From Research to Reality

Vanderbilt’s Center for Technology Transfer and Commercialization streamlines innovation’s path from campus to the marketplace

Erica Armstrong, a research assistant, pipettes a solution into small tubes of suspended B cells Tuesday, February 11, 2020 in the Vanderbilt Vaccine Center at Vanderbilt University Medical Center in Nashville, Tennessee. This is a first step in the effort to isolate B cells from human serum that produce coronavirus-neutralizing antibodies.

Established in 1991, the Vanderbilt Center for Technology Transfer and Commercialization wasted no time proving its effectiveness.

While that year’s tally of accomplishments—eight patents applied for and seven granted, $137,000 generated in commercialization revenue, and three licenses executed—was impressive, it was only a fraction of the CTTC’s performance in the intervening decades.

The center’s mission is to provide top-notch commercialization services to the Vanderbilt and Vanderbilt University Medical Center communities. That streamlines campus innovation’s path to the marketplace, which, in turn, generates revenue that can support more research.

“Commercialization and entrepreneurship amplify and accelerate the impact of Vanderbilt research and scholarship, allowing the university to provide direct, deeply transformative and scalable benefits to society,” Chancellor Daniel Diermeier said in 2022. “We are proud to be fostering a culture where trans-institutional collaboration and innovation are top priorities.”

The center’s impact is well established. In fiscal year 2022 alone, it generated more than $100 million in licensing revenue—quadruple its annual average—and reviewed more than 1,000 material transfer agreements and facilitated nearly 300 U.S. patent applications.

“Vanderbilt is successful at facilitating research and leveraging innovation because of the pervasive spirit of collaboration and cooperation on campus,” said Chris Harris, CTTC licensing director. “Our team is energized by the scholarship that we are able to shepherd to commercialization.”

Examples of products that entered production with help from the CTTC include the following:

  • Reusable energy-absorbing crash cylinders, which can be seen on highways across the country, were a brainchild of Professor John F. Carney III in the 1990s. The CTTC helped Carney promote his design to companies, and the U.S. Department of Transportation approved their use in 1995.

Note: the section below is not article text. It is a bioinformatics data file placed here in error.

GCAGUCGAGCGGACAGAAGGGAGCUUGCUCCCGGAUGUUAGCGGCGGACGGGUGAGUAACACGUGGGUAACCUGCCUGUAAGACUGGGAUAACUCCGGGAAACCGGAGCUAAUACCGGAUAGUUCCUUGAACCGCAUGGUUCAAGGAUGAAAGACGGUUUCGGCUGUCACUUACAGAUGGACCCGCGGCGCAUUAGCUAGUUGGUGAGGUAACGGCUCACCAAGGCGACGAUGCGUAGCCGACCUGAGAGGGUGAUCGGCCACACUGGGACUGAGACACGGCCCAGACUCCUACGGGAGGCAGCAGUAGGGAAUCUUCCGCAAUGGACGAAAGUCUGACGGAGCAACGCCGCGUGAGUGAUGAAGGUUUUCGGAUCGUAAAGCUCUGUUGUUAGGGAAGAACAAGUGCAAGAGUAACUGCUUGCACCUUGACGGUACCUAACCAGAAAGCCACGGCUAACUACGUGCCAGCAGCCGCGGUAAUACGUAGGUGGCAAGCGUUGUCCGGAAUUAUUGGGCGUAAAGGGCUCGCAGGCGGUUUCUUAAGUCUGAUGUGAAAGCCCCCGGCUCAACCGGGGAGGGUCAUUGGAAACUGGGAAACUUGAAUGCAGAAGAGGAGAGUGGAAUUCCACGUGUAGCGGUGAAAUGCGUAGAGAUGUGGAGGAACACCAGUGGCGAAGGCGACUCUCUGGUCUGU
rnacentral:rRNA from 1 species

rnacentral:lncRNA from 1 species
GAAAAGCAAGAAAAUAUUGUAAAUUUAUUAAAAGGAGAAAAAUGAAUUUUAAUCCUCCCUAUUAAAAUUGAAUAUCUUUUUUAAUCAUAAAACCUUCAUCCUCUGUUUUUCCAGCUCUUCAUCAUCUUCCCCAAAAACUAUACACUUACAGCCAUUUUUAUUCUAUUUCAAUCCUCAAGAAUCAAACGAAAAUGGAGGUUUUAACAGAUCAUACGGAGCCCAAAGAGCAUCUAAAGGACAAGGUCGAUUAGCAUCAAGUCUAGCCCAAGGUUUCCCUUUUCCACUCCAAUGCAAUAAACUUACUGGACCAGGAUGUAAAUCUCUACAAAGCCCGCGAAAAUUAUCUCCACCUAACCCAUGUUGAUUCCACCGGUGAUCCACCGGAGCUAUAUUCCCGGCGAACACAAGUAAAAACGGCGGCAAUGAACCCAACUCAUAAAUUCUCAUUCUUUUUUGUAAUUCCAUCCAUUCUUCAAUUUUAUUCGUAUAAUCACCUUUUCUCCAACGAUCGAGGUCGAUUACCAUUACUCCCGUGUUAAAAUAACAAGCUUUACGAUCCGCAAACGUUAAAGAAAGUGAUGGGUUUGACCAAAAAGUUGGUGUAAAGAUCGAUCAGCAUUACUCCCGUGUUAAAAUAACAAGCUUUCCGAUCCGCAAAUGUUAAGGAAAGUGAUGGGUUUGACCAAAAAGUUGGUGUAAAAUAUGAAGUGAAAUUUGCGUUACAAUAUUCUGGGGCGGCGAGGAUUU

• READ 180, a reading intervention program for students in elementary, middle and high schools, was developed in the 1980s by Professor Emeritus of Special Education Ted Hasselbring and collaborators. In 1999 the CTTC facilitated a partnership with Scholastic that got READ 180 widely distributed. It is still available through Houghton Mifflin Harcourt.
  • Evusheld, the COVID-19 prophylactic therapy, was discovered at the Vanderbilt Vaccine Center in the lab of its director, Dr. James Crowe, Ann Scott Carell Professor and professor of pediatrics and pathology, microbiology and immunology at the School of Medicine.

The CTTC strives to be an efficient and effective conduit for the transfer of promising intellectual property to industry; to contribute to regional economic development by licensing locally and supporting new venture creation; and to encourage greater translational research collaborations between academia and industry.

“Through our investments in industry collaboration, new ventures and enhancing faculty resources, we are serving as a catalyst for innovation that will continue to yield bold solutions to the world’s most pressing problems,” Provost and Vice Chancellor for Academic Affairs C. Cybele Raver said.